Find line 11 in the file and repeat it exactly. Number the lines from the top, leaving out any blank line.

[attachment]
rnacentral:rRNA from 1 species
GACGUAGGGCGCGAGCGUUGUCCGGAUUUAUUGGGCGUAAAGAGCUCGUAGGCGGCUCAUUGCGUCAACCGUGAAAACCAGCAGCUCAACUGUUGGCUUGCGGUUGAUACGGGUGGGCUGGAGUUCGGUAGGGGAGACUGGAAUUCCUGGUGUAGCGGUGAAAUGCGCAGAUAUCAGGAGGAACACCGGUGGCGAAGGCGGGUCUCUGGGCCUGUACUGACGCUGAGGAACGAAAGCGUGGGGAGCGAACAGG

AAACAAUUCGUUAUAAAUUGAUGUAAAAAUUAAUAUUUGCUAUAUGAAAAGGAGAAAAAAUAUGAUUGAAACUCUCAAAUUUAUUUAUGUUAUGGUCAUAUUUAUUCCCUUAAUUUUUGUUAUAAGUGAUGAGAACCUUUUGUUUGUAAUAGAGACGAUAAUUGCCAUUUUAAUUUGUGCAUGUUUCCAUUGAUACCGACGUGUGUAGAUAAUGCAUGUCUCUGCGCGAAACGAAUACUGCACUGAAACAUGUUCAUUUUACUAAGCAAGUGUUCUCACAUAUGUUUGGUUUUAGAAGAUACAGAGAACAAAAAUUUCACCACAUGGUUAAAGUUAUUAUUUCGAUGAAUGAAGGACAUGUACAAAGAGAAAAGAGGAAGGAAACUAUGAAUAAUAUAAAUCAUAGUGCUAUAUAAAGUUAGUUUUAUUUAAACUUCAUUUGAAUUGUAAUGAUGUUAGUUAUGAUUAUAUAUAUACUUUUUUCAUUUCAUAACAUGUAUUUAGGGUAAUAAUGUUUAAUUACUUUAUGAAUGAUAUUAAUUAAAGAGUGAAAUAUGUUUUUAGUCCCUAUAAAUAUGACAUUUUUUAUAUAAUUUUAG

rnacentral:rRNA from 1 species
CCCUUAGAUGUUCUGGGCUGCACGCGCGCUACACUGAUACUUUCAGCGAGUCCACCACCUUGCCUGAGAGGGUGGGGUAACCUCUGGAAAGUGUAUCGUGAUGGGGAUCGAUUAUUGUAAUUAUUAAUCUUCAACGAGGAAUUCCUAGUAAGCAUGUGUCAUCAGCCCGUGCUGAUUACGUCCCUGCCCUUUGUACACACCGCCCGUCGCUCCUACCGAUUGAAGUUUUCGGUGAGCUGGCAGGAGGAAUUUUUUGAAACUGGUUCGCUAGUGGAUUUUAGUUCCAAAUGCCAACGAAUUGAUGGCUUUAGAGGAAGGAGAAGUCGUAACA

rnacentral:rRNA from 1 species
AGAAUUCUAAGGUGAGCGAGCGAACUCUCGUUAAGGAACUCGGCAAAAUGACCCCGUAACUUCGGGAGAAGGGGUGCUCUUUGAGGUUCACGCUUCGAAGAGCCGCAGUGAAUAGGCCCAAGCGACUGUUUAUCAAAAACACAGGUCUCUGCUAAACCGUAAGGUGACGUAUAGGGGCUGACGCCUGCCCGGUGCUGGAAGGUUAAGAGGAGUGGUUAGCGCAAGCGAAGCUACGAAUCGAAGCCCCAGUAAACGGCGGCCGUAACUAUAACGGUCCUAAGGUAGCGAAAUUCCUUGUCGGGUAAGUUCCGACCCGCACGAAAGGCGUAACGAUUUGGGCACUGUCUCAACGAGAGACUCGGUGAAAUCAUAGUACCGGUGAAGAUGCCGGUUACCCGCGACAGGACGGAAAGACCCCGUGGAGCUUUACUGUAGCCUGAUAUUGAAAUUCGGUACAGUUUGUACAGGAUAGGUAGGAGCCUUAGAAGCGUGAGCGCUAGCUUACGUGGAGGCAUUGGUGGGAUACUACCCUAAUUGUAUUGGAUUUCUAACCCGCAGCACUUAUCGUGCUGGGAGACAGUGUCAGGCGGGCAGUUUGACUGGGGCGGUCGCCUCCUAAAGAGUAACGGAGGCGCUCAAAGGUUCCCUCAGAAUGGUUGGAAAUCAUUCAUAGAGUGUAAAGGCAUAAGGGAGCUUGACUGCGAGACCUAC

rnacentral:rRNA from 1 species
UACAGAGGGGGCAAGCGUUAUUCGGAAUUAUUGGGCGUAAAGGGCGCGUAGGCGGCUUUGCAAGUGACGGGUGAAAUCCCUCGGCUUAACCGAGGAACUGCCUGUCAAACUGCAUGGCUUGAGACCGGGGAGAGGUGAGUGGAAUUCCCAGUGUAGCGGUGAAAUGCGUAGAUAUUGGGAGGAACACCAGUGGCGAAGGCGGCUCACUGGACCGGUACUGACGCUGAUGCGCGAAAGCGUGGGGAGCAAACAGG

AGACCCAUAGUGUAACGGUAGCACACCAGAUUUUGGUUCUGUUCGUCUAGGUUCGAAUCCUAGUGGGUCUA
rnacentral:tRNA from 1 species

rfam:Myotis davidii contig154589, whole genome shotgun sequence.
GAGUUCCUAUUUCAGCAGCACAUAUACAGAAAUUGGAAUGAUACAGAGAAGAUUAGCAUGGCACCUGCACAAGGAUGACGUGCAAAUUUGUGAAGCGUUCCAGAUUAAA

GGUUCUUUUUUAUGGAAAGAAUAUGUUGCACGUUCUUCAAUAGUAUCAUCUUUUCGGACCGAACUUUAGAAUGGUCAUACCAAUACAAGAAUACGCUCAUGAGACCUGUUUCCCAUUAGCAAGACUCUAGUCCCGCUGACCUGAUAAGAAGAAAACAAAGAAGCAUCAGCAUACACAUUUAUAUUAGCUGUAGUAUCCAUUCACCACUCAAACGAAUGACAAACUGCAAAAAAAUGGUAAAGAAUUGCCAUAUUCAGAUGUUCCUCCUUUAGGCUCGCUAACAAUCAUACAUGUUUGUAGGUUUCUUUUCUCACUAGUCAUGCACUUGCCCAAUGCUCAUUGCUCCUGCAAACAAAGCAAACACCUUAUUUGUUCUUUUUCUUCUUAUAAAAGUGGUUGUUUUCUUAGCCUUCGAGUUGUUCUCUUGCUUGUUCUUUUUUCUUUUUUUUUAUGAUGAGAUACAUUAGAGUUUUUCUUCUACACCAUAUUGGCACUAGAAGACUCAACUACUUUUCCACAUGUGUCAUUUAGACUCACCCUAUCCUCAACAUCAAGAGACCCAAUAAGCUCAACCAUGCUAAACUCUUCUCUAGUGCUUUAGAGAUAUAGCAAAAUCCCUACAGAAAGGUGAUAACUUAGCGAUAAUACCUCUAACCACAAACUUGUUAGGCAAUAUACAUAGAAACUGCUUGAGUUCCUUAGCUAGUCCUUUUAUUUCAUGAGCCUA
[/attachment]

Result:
rnacentral:tRNA from 1 species